Super Bad Advice: Make Them Think You’re An Expert!

You can’t make money being the long tail, but you can make money off the long tail. To understand why I’m outspoken here, read back here.

Recently, I read a bio on a website. It went something like: [Expert Person] shows you how to strengthen your reputation, position yourself as an expert, and sell more widgets of any kind at all! 

This bamboozle has been floating around non-fiction circles for like a decade longer than forever. It purports to offer the strange and ill-defined trophy known as creating social authority. Let’s Wikipedia.

Authority is the legitimate or socially approved use of power. It is the legitimate power which one person or a group holds over another. The element of legitimacy is vital to the notion of authority and is the main means by which authority is distinguished from the more general concept of power. Power can be exerted by the use of force or violence. Authority, by contrast, depends on the acceptance by subordinates of the right of those above them to give them orders or directives.

The element of legitimacy is vital to the notion of authority. What legitimizes social authority? What will cause people to agree to you having social power over them?

The technical answer is something called affinity. Once you know that general idea, you can pick out the false implication in snake-oil marketing promises: That you can pay someone money to gain the power to make people give you money.

This sounds suspiciously like a prosperity gospel. No, really, just pay this preacher money, and your investment will be returned to you tenfold. Look how it worked out for him, he’s rich.

Pay this expert money to make you look like an expert. Look how it worked out for her, she’s an expert and people are paying her money.

It’s very close to the truth, which is that you can buy your way into (some) things if you know how to find the doorway. But there’s a problem.

It’s a bait-and-switch.

These people are asking you to pay the wrong person. The paid media you want is not the owned media they have. They are not the doorway.

People like that are not actually pitching you their expertise. They’re pitching to your affinity for taking shortcuts and not slogging along at drudge work, seemingly wasting your creative genius in obscurity.

Unfortunately, that drudge work is exercising your intelligence effectively.

Can you buy affinity? Not the real thing. The social web has proven that market affinity can be reduced to a keyword-sorting algorithm, once it’s expressed in words. The ability to advertise to potential demographic(s) can then be sold.

But affinity is pre-existent, and there’s no special secret. It just means people who care about the same things you care about, or who view the world the same way.

Social authority easily replaces substance, quality and truthiness.

Social authority plus the right connections absolutely can levitate a product, regardless of its inherent quality. That’s how publishing can produce bestselling hermeneutical horseshit like Love and Respect (link is to a sensible review) from a person who may indeed be a psychology and counselling expert… but has chosen to speak outside that field in order pursue an advertorial agenda that provides bias confirmation to his subculture’s pervasive unhealthy relational paradigm (explanation here).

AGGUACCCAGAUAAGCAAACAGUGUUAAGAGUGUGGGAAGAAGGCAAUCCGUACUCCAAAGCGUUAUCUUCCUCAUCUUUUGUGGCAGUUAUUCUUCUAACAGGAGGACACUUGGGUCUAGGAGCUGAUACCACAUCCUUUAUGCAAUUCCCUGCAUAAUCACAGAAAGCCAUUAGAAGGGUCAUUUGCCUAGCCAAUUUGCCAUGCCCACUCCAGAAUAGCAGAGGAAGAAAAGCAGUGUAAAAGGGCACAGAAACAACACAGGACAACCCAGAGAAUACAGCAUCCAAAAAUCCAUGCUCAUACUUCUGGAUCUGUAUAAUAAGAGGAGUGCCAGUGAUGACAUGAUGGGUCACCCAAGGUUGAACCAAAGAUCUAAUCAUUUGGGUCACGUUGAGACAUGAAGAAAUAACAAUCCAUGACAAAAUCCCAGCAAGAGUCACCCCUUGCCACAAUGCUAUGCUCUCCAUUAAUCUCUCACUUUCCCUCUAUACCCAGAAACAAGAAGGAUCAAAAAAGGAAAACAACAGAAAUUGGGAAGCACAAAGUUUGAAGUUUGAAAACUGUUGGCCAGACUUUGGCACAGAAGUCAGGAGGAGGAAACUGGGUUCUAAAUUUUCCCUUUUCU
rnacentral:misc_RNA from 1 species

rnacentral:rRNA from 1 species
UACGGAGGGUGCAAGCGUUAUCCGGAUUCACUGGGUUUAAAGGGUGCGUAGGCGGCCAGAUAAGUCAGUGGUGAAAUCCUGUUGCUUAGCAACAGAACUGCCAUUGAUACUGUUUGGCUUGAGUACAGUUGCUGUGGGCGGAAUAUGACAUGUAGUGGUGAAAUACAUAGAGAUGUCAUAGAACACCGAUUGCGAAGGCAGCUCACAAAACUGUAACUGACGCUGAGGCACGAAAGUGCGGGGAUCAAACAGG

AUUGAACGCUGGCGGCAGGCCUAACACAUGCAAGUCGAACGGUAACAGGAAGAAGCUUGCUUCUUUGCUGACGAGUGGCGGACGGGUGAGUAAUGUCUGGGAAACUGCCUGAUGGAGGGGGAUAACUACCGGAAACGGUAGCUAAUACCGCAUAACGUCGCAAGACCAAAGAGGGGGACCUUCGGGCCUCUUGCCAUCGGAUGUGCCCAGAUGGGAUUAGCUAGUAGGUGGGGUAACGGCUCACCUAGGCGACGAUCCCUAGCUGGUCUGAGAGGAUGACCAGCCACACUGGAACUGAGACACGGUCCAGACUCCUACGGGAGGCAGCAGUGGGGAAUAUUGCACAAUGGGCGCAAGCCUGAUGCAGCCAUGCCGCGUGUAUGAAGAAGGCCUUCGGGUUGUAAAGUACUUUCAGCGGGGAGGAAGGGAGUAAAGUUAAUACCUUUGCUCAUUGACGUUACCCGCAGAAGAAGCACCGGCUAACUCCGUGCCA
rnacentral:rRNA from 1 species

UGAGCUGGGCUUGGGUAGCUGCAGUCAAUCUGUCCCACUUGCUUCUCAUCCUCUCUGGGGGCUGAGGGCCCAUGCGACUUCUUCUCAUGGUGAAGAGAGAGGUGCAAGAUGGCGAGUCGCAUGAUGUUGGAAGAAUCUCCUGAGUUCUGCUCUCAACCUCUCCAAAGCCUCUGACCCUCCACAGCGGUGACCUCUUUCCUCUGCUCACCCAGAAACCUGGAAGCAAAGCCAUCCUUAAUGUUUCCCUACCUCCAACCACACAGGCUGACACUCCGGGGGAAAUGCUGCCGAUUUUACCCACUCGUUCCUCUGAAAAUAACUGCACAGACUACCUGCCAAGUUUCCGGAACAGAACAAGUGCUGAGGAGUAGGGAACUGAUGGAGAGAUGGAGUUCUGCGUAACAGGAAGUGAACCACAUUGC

Counterintuitively, this lack of substance flourishes more easily in higher-trust environments like religious groups, political followings, or social media friend circles.*

Where does this intersect with the writing world?

1) Person A has a non-fiction concept they want to write about (let’s be cynical: express their opinion about), but lacks all varieties of expertise. They decide to build a website and try to drum up a following around their opinions and limited individual experiences.

They find they can even hire someone to teach them how to pester radio, website, and tv/video media personalities, even though nobody cares about their idea (no affinity). They acquire the misconception that being the most annoying human on the planet is the same as bootstrapping, and that persistence and hard work are the key. The only key.

Oh, yay! Another menace is born, and we all refer back to the Dunning-Kruger effect yet again.

Person B has a novel they want to write. They hear that the essential way to “hook readers” is by having a related non-fiction topic to create a free informational product, i.e., online content that will gain a following.

But people seeking information may or may not give a rat’s furry butt about a novel. Fiction delivers emotional experience, not analysis. That means experiential topics which trigger emotion are going to have a better crossover with novels, but the novel still won’t be the main product the audience is actually seeking. That’s not the audience’s primary affinity.

Why are people trying to sell this to writers?

Because they can make money off the long tail.

To get started in your own path, you have to stop letting people make you into less of more. Stop letting yourself be treated as one small unit of desperate wannabe among many, many desperate wannabes, and figure out your own reasonable, realistic course.

Just ask any writer who’s had to sort through a bunch of super bad advice.


*See Ruby K. Payne, A Framework for Understanding Poverty for a concise layman’s summary of socioeconomics and linguistic registers. One of the features of the casual register is that it doesn’t require or involve factual verification. Facebook, for example, is designed to mediate the casual register.

For other social factors in success, see Malcolm Gladwell, Outliers: The Story of Success.